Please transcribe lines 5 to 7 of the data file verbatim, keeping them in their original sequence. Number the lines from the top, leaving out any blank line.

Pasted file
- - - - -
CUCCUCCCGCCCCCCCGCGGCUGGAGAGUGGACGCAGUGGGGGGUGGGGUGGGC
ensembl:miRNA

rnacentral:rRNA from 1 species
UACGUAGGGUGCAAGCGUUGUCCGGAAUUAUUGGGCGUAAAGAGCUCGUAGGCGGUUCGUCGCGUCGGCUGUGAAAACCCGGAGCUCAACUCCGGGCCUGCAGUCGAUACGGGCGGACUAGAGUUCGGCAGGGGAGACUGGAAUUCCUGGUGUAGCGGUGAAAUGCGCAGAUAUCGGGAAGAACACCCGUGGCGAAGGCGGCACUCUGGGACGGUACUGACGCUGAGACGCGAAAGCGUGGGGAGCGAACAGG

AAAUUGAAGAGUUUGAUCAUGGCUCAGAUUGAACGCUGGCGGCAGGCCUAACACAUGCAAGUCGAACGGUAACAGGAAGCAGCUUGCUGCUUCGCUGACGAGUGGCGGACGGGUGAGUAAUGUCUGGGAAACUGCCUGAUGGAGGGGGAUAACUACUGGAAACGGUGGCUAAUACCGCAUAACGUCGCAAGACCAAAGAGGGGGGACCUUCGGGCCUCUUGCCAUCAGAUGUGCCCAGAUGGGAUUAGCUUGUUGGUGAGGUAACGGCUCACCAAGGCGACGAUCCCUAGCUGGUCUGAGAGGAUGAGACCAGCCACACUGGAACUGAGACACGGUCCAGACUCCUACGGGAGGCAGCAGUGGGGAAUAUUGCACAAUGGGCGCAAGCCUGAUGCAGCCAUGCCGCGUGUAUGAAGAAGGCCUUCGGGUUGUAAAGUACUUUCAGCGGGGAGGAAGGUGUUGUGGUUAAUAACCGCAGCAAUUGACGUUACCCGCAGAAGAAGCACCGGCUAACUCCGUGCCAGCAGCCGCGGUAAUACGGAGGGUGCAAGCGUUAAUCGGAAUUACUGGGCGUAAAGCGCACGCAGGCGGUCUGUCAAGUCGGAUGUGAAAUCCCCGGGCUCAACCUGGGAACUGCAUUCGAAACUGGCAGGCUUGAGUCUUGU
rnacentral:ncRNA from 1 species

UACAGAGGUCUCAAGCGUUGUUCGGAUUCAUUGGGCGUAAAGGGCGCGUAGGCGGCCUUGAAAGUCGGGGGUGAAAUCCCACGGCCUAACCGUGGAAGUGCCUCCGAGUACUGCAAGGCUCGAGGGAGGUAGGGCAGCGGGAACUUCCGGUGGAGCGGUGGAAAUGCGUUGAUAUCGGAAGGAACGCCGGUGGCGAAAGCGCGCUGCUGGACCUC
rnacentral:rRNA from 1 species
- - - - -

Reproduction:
AAAUUGAAGAGUUUGAUCAUGGCUCAGAUUGAACGCUGGCGGCAGGCCUAACACAUGCAAGUCGAACGGUAACAGGAAGCAGCUUGCUGCUUCGCUGACGAGUGGCGGACGGGUGAGUAAUGUCUGGGAAACUGCCUGAUGGAGGGGGAUAACUACUGGAAACGGUGGCUAAUACCGCAUAACGUCGCAAGACCAAAGAGGGGGGACCUUCGGGCCUCUUGCCAUCAGAUGUGCCCAGAUGGGAUUAGCUUGUUGGUGAGGUAACGGCUCACCAAGGCGACGAUCCCUAGCUGGUCUGAGAGGAUGAGACCAGCCACACUGGAACUGAGACACGGUCCAGACUCCUACGGGAGGCAGCAGUGGGGAAUAUUGCACAAUGGGCGCAAGCCUGAUGCAGCCAUGCCGCGUGUAUGAAGAAGGCCUUCGGGUUGUAAAGUACUUUCAGCGGGGAGGAAGGUGUUGUGGUUAAUAACCGCAGCAAUUGACGUUACCCGCAGAAGAAGCACCGGCUAACUCCGUGCCAGCAGCCGCGGUAAUACGGAGGGUGCAAGCGUUAAUCGGAAUUACUGGGCGUAAAGCGCACGCAGGCGGUCUGUCAAGUCGGAUGUGAAAUCCCCGGGCUCAACCUGGGAACUGCAUUCGAAACUGGCAGGCUUGAGUCUUGU
rnacentral:ncRNA from 1 species

UACAGAGGUCUCAAGCGUUGUUCGGAUUCAUUGGGCGUAAAGGGCGCGUAGGCGGCCUUGAAAGUCGGGGGUGAAAUCCCACGGCCUAACCGUGGAAGUGCCUCCGAGUACUGCAAGGCUCGAGGGAGGUAGGGCAGCGGGAACUUCCGGUGGAGCGGUGGAAAUGCGUUGAUAUCGGAAGGAACGCCGGUGGCGAAAGCGCGCUGCUGGACCUC